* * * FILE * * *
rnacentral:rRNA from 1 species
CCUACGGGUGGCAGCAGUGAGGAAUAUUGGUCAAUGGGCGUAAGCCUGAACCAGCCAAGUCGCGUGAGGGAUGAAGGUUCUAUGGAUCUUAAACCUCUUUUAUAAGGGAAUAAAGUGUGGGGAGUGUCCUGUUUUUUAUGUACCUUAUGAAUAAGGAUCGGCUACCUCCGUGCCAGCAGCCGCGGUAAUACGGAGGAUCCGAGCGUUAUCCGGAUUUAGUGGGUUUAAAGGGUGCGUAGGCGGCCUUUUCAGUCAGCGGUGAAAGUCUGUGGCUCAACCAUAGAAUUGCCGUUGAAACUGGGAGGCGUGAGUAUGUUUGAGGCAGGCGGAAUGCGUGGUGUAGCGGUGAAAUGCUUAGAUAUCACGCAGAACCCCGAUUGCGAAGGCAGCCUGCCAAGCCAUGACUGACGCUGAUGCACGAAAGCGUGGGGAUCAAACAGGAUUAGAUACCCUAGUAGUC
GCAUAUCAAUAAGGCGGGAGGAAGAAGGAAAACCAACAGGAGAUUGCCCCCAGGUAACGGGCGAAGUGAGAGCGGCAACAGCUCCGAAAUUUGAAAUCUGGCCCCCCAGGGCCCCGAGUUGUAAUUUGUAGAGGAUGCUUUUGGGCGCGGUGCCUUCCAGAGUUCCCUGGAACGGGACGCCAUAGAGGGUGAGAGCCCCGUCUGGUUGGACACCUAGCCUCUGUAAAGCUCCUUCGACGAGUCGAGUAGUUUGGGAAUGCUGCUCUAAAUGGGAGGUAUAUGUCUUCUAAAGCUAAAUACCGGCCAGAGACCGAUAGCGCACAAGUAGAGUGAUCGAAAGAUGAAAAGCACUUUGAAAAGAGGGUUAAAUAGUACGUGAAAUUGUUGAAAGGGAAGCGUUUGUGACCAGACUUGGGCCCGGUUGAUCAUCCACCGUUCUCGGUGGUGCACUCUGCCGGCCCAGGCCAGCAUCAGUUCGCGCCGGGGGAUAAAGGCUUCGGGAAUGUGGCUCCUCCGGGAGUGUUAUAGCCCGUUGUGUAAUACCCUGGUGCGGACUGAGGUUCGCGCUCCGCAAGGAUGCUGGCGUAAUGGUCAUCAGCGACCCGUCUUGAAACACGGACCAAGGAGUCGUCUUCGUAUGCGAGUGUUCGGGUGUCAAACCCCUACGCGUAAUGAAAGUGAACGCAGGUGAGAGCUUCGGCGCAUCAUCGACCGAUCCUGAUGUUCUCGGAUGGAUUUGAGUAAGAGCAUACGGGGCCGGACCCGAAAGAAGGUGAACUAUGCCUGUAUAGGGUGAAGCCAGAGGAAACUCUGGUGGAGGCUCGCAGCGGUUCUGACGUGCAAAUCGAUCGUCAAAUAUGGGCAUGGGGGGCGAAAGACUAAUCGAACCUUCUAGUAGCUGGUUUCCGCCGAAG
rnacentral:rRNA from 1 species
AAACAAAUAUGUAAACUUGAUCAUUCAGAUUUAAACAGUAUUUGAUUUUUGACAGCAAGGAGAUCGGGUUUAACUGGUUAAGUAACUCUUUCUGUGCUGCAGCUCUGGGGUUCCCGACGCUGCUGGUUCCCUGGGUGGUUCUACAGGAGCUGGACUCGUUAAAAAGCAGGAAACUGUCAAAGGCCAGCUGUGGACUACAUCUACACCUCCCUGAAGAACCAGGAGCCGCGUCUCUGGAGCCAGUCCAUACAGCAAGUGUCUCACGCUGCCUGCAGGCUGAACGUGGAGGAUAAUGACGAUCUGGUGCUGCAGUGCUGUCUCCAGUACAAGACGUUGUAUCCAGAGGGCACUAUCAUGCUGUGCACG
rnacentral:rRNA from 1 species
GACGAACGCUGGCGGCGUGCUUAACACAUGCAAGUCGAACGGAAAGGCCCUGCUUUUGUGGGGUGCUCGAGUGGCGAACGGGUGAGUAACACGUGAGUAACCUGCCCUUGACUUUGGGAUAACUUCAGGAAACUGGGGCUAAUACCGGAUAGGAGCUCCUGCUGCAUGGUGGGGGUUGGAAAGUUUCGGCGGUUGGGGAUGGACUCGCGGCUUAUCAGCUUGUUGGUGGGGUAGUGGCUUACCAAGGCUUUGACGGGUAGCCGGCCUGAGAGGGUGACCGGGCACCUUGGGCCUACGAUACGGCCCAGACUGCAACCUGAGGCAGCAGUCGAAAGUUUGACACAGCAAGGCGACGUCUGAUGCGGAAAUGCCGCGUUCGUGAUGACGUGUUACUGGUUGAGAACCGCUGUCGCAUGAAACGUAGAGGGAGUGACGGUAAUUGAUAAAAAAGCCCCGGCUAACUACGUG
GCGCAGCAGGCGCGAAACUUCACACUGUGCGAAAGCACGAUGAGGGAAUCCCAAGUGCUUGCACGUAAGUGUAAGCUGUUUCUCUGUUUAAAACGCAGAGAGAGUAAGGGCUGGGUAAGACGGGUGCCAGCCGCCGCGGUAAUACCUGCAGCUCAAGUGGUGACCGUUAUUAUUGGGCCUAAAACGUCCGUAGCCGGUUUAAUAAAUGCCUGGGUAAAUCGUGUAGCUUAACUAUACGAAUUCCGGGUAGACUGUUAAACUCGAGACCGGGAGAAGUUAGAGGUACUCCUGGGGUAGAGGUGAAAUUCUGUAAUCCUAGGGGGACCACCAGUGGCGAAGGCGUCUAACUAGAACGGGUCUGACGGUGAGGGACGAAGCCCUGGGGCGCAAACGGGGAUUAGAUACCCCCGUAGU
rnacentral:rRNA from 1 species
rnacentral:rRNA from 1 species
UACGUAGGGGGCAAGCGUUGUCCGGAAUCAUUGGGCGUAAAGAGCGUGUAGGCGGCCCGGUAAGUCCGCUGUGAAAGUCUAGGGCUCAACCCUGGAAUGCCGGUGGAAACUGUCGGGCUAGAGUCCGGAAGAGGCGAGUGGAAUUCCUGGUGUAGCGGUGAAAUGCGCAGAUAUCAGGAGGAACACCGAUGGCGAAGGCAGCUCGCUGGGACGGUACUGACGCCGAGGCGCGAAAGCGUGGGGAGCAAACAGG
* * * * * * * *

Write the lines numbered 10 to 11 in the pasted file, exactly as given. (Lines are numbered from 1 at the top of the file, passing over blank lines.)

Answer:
rnacentral:rRNA from 1 species
UACGUAGGGGGCAAGCGUUGUCCGGAAUCAUUGGGCGUAAAGAGCGUGUAGGCGGCCCGGUAAGUCCGCUGUGAAAGUCUAGGGCUCAACCCUGGAAUGCCGGUGGAAACUGUCGGGCUAGAGUCCGGAAGAGGCGAGUGGAAUUCCUGGUGUAGCGGUGAAAUGCGCAGAUAUCAGGAGGAACACCGAUGGCGAAGGCAGCUCGCUGGGACGGUACUGACGCCGAGGCGCGAAAGCGUGGGGAGCAAACAGG